Preoperative preparation

Patients should be given prophyaxis for deep venous thrombosis (subcutaneous heparin or low-molecular-weight heparin perioperatively, as well as sequential compression devices intraoperatively) and prophylactic antibiotics, usually or first generation cephalosporin.

The procedure is performed with the patient in the supine position, with the surgeon on the patient’s right and the assistant on the left. Care must be taken to assure that the operating bed is positioned such that a fluoroscopic C-arm can be positioned for imaging in the patient’s right upper quadrant. Incorrect bed position can result in significant intraoperative delays and unnecessary risk to the patient when re-maneuvering the bed is required.

Normally, the laparoscopic monitors are placed at the patient’s head to the left and right. All equipment, including equipment necessary for common bile duct exploration and an open surgical tray on stand-by, should be confirmed prior to the patient being brought into the room.

Port placement

Port placement can be identical to that for laparoscopic cholecystectomy, whether or not cholecystectomy is being performed at the same time. A 10-12 mm infra-umbilical trocar is initially placed with either an open cut-down technique, optical trocar, pre-insufflation with a Veress needle followed by trocar placedment or optical trocar placement. A 5 or 10/12 mm port is placed inferior to the xyphoid process under direct camera-visualization, to the right of the falciform ligament, and two 5 mm placed inferior to the right subcostal margin in the anterior axillary line and in the midclavicular line. Care should be taken not to injure the superior epigastric vessles when placing the midclavicular port.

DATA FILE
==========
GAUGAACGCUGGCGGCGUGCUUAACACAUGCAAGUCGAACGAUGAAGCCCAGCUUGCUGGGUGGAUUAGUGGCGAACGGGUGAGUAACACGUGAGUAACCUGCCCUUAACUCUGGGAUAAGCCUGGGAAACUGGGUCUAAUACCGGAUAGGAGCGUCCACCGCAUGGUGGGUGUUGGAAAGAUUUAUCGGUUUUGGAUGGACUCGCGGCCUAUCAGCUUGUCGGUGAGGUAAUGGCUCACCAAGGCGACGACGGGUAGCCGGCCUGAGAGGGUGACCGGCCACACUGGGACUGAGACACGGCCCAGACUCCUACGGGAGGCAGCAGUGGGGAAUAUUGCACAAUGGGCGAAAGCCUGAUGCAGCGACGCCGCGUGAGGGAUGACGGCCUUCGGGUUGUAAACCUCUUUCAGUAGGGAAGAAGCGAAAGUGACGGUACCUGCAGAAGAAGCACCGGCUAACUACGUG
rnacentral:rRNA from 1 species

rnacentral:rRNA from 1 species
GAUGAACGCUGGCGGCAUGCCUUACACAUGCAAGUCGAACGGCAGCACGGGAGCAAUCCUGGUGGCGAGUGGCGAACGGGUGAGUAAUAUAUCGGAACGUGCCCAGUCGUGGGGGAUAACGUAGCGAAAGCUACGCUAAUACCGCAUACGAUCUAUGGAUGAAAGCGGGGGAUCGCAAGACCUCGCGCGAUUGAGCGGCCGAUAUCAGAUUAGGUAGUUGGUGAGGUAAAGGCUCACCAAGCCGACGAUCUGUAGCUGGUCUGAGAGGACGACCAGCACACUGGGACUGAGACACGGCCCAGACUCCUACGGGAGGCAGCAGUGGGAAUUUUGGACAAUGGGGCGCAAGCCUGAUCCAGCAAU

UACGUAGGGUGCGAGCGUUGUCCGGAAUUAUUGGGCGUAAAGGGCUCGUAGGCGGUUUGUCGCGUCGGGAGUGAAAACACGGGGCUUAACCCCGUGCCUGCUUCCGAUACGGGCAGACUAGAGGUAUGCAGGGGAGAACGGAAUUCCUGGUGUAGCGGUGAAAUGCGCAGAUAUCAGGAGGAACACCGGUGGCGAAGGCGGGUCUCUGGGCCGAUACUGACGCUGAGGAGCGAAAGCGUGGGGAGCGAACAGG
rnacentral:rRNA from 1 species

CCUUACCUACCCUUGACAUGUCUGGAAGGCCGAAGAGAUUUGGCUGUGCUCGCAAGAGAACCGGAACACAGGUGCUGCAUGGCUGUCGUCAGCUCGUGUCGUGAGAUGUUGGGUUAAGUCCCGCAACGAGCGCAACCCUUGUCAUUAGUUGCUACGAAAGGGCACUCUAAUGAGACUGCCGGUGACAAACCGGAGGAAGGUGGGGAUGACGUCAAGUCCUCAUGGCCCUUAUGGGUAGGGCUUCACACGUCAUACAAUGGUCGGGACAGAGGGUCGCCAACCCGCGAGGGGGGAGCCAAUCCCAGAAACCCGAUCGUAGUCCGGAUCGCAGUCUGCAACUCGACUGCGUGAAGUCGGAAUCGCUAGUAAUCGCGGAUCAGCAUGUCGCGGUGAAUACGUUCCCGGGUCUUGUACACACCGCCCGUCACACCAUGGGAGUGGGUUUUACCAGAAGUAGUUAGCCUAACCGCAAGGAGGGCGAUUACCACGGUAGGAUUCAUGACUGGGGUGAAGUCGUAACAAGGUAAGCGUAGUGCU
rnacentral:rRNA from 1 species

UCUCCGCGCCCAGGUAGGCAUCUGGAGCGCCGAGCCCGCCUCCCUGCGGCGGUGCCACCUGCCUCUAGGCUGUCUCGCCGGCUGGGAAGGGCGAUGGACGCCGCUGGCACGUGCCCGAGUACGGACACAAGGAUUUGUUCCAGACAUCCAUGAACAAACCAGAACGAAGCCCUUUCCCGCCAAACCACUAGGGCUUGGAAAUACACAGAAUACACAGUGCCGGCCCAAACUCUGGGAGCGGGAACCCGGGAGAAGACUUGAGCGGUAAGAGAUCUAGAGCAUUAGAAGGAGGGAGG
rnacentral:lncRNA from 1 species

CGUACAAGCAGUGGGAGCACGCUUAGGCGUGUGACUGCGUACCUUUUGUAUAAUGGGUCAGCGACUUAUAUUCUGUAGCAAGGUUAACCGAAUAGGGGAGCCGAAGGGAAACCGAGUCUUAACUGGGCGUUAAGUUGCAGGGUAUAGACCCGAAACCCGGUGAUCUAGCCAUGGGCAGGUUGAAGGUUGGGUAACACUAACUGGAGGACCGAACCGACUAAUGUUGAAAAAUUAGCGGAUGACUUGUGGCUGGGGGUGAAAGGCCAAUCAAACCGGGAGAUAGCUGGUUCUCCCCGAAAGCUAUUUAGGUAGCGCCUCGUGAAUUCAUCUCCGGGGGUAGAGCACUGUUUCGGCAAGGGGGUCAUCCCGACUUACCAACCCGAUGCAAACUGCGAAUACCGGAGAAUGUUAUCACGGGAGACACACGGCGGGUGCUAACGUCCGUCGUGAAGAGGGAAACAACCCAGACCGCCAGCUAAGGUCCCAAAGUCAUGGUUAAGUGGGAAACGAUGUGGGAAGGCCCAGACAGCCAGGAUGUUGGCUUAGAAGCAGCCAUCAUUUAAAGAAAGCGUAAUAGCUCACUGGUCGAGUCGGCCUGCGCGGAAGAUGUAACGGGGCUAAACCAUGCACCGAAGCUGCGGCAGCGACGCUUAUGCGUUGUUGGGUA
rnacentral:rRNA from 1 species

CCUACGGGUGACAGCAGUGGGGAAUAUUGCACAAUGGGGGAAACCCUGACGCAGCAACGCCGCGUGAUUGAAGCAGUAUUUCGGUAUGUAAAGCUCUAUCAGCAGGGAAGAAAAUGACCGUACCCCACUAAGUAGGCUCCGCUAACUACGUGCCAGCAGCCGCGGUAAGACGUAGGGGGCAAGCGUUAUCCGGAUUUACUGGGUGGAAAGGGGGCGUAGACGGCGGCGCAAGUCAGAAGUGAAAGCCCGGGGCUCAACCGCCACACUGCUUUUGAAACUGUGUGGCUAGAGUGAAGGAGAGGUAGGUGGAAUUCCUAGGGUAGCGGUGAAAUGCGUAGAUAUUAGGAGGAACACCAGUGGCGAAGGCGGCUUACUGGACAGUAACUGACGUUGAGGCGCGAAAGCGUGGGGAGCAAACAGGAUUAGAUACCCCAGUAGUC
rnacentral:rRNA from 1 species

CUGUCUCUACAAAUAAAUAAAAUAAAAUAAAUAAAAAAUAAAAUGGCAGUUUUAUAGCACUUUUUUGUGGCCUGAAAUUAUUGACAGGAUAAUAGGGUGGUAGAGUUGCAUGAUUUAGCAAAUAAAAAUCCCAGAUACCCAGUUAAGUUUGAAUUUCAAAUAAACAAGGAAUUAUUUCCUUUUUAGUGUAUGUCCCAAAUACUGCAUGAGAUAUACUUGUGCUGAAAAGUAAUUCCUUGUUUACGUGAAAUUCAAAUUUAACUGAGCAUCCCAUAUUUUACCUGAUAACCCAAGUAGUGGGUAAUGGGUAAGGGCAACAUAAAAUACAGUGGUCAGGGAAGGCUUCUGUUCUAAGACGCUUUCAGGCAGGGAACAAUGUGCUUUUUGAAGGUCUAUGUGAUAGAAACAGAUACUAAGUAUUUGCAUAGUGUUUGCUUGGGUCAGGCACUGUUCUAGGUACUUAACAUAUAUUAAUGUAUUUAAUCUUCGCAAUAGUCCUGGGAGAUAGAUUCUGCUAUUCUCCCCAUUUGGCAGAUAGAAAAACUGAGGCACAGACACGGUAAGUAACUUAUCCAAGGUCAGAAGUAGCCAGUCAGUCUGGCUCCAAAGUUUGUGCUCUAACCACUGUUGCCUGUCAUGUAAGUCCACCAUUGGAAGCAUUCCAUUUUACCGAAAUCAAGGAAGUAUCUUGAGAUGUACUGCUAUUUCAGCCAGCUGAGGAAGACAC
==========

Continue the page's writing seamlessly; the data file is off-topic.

Cholangiogram and common bile duct exploration

There are two different approaches to performing laparoscopic common bile duct exploration: transcystic and through a choledochotomy.

Trancystic approach